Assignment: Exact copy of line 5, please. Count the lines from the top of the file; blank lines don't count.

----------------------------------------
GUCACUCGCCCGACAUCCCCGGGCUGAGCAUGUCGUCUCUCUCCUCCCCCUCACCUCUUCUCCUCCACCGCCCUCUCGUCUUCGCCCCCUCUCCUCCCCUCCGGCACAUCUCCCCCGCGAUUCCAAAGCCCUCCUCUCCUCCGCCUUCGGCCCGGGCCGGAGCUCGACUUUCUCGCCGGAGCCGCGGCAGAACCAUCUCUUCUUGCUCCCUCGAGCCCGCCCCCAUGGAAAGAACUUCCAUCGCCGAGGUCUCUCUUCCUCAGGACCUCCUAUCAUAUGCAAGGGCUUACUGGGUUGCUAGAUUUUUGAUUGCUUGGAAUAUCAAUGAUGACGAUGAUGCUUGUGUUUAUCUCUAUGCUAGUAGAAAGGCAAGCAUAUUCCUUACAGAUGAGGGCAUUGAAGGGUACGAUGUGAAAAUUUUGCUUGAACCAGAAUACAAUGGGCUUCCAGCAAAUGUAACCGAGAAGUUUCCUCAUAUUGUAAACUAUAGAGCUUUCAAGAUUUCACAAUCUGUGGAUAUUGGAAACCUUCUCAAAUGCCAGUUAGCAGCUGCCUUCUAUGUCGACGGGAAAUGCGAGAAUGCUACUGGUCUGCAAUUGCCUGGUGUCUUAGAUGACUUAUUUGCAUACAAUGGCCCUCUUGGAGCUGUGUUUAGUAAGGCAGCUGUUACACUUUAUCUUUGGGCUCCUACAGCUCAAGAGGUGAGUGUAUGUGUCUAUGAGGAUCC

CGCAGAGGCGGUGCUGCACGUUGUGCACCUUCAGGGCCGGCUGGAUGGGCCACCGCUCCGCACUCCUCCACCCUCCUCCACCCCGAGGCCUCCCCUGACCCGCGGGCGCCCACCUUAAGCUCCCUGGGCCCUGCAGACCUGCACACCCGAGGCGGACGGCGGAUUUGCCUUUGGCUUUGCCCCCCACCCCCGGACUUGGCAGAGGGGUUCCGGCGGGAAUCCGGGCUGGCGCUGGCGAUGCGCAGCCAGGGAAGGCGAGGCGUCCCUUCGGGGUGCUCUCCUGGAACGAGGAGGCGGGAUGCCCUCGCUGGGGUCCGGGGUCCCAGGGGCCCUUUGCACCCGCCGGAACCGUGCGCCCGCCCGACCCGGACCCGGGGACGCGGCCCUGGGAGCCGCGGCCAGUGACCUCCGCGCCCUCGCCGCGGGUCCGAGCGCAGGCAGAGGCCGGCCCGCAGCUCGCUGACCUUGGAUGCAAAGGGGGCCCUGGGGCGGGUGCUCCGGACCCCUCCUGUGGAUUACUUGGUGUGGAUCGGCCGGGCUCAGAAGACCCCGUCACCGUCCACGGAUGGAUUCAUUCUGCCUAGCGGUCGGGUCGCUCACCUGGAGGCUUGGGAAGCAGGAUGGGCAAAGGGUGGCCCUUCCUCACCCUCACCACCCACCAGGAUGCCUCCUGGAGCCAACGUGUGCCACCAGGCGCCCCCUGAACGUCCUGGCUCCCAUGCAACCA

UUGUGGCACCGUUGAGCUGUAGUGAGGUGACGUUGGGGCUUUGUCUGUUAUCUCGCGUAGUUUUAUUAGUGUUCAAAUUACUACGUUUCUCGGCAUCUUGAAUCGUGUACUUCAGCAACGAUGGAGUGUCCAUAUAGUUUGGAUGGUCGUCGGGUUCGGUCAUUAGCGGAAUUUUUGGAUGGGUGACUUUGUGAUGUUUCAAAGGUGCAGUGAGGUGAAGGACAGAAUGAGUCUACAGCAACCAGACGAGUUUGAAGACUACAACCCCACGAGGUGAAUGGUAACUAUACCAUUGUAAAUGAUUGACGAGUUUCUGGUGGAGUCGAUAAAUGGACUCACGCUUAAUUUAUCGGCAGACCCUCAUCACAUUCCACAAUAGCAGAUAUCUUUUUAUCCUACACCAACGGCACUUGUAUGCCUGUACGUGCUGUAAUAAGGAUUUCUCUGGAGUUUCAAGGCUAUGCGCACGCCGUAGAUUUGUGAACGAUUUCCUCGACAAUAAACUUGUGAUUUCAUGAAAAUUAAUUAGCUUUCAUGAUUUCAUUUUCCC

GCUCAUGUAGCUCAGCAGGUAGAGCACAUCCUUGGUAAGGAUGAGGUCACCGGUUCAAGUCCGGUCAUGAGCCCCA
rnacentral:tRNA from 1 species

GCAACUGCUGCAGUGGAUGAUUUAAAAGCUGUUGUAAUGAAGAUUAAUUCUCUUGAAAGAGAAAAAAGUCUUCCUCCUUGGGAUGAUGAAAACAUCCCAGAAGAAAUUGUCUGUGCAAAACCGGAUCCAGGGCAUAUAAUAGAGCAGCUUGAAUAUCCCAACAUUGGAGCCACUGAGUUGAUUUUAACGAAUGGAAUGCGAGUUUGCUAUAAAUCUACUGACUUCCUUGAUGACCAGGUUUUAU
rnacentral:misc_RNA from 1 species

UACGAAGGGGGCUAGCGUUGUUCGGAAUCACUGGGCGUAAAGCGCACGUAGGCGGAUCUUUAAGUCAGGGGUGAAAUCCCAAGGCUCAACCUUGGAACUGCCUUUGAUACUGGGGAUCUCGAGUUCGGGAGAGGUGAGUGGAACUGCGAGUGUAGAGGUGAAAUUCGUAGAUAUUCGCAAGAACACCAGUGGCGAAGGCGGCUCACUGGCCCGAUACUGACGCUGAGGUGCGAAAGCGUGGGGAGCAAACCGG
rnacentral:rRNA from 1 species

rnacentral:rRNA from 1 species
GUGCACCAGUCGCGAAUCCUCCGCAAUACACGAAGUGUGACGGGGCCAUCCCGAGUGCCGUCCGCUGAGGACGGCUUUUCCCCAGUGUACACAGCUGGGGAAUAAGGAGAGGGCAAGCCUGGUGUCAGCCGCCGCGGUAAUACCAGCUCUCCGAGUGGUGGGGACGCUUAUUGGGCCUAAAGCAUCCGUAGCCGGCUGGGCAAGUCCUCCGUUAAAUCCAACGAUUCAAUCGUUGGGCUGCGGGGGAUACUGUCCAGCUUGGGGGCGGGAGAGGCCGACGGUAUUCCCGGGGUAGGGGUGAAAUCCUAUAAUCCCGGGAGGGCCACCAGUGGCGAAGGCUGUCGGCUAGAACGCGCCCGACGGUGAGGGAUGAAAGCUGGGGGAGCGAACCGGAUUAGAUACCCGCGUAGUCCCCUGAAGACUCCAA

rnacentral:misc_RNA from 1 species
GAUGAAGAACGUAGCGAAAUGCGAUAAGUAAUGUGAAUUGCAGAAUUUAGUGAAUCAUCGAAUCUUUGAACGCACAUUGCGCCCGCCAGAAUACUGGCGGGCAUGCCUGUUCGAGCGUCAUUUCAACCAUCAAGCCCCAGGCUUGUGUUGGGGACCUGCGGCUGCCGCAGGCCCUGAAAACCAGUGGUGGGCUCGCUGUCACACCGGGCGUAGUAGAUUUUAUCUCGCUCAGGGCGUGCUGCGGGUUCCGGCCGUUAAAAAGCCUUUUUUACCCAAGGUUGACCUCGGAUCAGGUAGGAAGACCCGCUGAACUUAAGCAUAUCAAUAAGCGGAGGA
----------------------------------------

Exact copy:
rnacentral:tRNA from 1 species